Social Skills Training Grades 1–6

Social Skills Training Grades 1–6

Children today face extremely difficult times for development of social skills. There is an overall consensus that the social environment is much more challenging than when we were kids. Just to compound the problem, it seems that social and emotional IQ is in higher demand in order to be a successful, happy child.

I have great concerns about development of social skills. These annual training sessions are designed to help provide tools to help your child face challenges at school, extracurricular activities, and play. Social skills techniques are best acquired in a controlled setting. Small groups composed of boys and girls who face similar challenges are ideal. Plenty of experiential practice can take place in such settings.

Goals of the Training Groups

Diagnostic—It is very important for me to have the opportunity to observe your child in a challenging social setting. It allows me to “see” more clearly strengths and weaknesses that may not be seen in individual therapy.

Experiential—It is important to teach kids techniques to make negotiating the social world much easier. When socialization is easier, self-esteem is much improved. This is my target goal.

To achieve these goals we divide the group into two main segments:

  • Didactic—this is a group lecture with group participation, illustrations, and examples.
  • Experiential—this is “hands-on” practice with the new skills learned in the didactic. Practice is with the other individual members of the group. I am cheerleading and coaching as we go along.

Topics Covered in the Didactic:

  1. Social Skills are learned
  2. Why kids can be defensive
  3. What is sarcasm?
  4. Being a cool kid (prosocial behavior)
  5. Being an angry kid (adverse behavior)
  6. Tattling and the “rule police”
  7. Attention seeking behavior
  8. Dealing with name calling
  9. Dealing with teasing
  10. Being a good friend

Topics Covered in Experiential—Kids will learn and practice

  1. Eye contact (giving “smiling eyes”)
  2. Proxemics (personal space issues)
  3. Reading non-verbal cues and expressions
  4. Starting conversations
  5. Chaining (the skill of “small talk”)
  6. Being an “interesting” person
  7. Joining conversations already in progress
  8. Giving and receiving compliments
  9. Follow ups—friendships take work

Special Concerns for Girls

In the last decade, the behavior of girls has really changed. What were once Middle School behaviors can now be seen at a much younger age. Girls can be quite outspoken, opinionated, and mean-spirited. They can also be quite manipulative, conniving, and bossy. These are not complimentary, lady like behaviors. We will address these changes with examples that are age appropriate and provide strategies for dealing with these problems.

Special Concerns for Boys

Boys have always struggled with competitive, one-up manship and how to handle it. Today’s boys face others who are sharp tongued, sarcastic, and hyper-critical. These boys have NO problem expressing themselves. We will cover these topics and provide strategies for dealing effectively with these situations.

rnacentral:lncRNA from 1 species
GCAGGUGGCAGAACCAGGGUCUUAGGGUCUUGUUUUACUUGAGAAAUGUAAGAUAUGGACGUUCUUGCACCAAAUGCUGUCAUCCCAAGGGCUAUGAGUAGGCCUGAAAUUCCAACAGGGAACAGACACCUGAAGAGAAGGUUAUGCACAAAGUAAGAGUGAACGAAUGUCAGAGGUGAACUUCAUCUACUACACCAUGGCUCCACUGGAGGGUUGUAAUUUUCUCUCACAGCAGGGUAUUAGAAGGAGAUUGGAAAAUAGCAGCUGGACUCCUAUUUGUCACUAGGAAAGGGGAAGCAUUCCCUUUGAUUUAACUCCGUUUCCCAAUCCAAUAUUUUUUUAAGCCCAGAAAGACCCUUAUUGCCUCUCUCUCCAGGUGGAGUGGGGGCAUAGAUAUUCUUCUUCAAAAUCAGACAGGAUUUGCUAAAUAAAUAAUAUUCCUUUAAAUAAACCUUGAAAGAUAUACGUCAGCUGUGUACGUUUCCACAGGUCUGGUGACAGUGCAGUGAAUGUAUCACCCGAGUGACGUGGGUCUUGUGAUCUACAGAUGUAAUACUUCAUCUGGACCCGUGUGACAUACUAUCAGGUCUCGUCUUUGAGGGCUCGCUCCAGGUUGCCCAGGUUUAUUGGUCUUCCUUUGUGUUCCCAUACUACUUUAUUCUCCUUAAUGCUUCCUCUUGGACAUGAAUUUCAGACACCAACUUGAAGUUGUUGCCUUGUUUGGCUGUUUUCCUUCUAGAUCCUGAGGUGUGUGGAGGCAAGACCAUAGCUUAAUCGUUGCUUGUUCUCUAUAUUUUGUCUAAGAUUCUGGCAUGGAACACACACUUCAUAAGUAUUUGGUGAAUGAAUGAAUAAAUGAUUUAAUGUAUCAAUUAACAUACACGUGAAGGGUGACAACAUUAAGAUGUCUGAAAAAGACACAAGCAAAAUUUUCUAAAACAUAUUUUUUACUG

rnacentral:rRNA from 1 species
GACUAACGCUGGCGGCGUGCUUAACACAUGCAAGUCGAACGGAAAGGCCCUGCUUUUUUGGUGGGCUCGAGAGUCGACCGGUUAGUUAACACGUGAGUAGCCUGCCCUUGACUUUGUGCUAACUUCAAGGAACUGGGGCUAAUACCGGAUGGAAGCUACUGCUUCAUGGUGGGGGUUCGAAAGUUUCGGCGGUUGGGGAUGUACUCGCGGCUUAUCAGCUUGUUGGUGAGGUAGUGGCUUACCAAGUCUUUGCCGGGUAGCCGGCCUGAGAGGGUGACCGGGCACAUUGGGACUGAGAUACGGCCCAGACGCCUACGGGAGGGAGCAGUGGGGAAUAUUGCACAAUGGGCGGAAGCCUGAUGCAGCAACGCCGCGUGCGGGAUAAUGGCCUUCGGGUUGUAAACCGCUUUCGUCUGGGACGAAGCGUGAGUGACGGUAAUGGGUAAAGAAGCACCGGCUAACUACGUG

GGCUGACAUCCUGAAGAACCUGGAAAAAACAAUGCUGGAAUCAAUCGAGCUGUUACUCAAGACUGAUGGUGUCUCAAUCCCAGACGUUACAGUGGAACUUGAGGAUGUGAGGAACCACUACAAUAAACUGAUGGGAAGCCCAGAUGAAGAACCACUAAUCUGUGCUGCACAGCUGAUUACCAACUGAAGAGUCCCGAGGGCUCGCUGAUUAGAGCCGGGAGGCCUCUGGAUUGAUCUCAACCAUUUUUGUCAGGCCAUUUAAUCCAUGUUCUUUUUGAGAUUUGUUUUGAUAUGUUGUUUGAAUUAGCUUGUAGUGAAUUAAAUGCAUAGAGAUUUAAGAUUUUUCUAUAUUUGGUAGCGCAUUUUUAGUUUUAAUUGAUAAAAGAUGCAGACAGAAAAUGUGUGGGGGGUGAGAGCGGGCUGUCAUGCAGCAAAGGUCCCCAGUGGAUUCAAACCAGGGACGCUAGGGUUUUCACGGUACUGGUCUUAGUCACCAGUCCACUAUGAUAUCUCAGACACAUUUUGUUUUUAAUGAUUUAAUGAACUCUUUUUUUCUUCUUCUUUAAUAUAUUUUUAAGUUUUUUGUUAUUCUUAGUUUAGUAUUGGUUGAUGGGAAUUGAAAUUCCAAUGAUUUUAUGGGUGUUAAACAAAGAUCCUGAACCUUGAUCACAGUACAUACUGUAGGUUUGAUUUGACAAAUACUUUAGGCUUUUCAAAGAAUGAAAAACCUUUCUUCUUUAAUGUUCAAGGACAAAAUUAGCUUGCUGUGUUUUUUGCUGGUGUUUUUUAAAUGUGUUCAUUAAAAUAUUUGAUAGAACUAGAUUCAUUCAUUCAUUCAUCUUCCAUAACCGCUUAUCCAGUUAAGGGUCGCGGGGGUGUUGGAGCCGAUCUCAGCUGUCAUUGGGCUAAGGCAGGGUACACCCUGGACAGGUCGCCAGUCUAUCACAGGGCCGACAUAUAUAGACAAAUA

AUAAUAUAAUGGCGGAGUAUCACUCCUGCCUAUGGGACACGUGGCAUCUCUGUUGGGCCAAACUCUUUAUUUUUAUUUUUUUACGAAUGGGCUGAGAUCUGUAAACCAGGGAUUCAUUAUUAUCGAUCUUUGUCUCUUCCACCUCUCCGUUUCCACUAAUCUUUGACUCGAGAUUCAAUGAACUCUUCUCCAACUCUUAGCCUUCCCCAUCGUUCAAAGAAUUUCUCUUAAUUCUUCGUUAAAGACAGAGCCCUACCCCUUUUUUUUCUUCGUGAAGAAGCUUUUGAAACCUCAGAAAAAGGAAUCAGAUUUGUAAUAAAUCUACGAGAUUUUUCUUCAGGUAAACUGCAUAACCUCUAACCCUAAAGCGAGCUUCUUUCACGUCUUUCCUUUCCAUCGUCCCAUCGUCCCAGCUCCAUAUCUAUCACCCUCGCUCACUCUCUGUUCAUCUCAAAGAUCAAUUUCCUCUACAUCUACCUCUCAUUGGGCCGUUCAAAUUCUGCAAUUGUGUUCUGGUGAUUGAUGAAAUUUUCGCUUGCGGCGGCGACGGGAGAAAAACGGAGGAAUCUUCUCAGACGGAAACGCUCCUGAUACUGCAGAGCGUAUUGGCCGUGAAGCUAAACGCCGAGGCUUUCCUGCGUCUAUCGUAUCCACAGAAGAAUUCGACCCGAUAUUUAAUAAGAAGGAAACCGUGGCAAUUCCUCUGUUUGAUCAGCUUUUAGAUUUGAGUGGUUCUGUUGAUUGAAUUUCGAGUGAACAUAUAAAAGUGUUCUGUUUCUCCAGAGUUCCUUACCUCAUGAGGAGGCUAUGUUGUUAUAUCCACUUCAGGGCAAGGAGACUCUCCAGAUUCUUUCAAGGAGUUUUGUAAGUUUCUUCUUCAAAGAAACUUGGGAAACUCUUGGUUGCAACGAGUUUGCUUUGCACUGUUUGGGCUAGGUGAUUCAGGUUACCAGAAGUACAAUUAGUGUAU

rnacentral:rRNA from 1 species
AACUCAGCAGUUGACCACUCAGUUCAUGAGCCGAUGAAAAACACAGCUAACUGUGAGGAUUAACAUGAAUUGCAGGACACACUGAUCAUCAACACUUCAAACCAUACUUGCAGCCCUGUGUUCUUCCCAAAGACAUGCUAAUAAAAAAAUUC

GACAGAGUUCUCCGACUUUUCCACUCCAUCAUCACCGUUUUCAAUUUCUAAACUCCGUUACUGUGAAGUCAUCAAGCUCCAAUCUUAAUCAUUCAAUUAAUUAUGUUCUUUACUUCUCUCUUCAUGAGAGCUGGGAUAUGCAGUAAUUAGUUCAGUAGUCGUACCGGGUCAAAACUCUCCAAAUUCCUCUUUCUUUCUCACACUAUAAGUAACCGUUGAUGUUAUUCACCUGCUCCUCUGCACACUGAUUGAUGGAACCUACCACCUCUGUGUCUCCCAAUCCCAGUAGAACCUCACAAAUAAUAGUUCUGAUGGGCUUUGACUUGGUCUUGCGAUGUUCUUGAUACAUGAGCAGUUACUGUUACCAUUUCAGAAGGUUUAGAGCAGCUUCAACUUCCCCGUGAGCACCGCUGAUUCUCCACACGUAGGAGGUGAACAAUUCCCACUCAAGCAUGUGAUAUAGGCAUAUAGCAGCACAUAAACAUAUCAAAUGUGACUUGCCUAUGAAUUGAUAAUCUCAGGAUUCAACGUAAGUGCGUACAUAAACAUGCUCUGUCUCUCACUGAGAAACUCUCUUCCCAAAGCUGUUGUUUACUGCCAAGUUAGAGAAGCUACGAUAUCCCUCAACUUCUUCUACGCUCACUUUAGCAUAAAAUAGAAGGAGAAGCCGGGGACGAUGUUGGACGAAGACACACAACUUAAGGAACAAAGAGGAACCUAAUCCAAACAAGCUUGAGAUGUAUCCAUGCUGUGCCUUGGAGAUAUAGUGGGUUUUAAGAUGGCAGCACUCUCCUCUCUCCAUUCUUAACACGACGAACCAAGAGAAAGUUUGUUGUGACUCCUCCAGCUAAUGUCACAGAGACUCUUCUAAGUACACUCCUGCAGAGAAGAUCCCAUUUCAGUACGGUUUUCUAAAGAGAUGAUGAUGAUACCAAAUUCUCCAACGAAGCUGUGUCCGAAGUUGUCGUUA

Foundation of Principles Taught

The principles for how we treat one another are based on basic Bible teachings. Although I don’t prosthelize to children, there are many times that we reference fundamental principles of right and wrong, kindness and respect, and practical reasons why we need to behave the way that God wants us to.

Special Note

The kids attending Social Skills Group have friends and are not necessarily shy. They are learning the skills for social effectiveness, which are higher order skills.

Details

  • The kids are grouped by age and or relative maturity level in small groups.
  • Each group meets once a year.
  • The group is 3 1/2 hours long. This length helps me see how your child’s behavior changes, as time plays a factor in fatigue.
  • Children who are returning will receive additional practice and enrichment. Each group is truly different as we age and develop. Skills are revised and updated as we mature.
  • Cost: The group is $200. If you have any questions about insurance filing, etc, call Barbara @ 817-237-9889.
  • Groups meet Sunday afternoon 2:00 pm to 5:30 pm.
  • We have a snack of cookies and a drink at approximately 3:30pm.

Comment: New children always dread groups and they will NOT be thrilled due to their anxiety. Expect that. However, we take a vote at the end to see if:

a. It was helpful
b. They would want to do it again

I feel strongly that ALL of the kids need to attend. These are skills best learned in a group with similar issues and plenty of kids to practice.

You will need to call Julie @ 940-242-0501 to make a reservation for your group. If you cannot come, please call so that we can keep your child in mind in planning another group.

We are looking forward to this opportunity to do something a little different and yet, meaningful for your child.

Click here for information on Social Skills Training Grades 7–12.